7 reasons people hate being in meetings with you

Did you schedule another meeting without an agenda? Do you talk over your colleagues? If so, it’s time to brush up your meeting etiquette.

The meeting. That necessary evil. That gathering we love to hate, yet can’t resist scheduling.

There’s a reason meetings are so reviled.

They’re poorly organized. They’re poorly run. They have no objective. They have no value. People show up for the sake of showing up, and they behave badly.

You’re probably in a meeting right now.

Sadly, you are likely part of the badly behaving, no-value-adding, disorganized, meeting-marauding masses.

Just look around the table. Look at those faces—those bored, irate, aggravated, disengaged faces. They don’t want to be in this conference room with you. They hate being in this conference room with you.

And that’s no good, because if you’re in a meeting, there should be a reason. Maybe you’re trying to woo a prospective customer. Maybe you’re trying to kick off a project. Maybe you’re presenting work to a client.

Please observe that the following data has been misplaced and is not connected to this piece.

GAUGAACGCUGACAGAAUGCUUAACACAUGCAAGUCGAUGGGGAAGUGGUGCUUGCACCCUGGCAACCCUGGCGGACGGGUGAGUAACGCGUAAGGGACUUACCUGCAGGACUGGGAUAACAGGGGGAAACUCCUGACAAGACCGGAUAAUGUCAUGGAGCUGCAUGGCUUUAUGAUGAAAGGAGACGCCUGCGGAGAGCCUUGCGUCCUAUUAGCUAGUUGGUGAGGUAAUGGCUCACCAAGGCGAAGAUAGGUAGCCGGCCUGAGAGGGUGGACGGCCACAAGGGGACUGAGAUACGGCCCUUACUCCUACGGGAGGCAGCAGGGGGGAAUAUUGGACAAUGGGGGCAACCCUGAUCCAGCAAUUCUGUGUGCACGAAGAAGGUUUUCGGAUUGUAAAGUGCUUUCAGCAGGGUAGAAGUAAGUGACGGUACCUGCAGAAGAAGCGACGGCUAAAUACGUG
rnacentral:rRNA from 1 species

Regardless, if people hate being in meetings with you, you are thwarting your objectives.

Don’t let this happen. The first step in healing is to recognize you have a problem. Here’s a list to help you recognize why people hate being in meetings with you:

1. You have no agenda.

We all have a mountain of work to do, and meetings take us away from that work.

That being the case, meetings better be worthwhile, because their very existence makes the rest of the day harder.

If you plan a meeting and it’s not worthwhile, the people in it will hate you. And if you don’t have an agenda, you run the risk of running a worthless meeting.

Agendas don’t have to be complex. You should have an objective and a plan. Sure, nicely-formatted agendas that list all of the attendees and have to-the-minute time allocations delineated for each bullet item are nice to have. But what really matters is you know what you want to achieve, and you have some sort of plan to achieve it.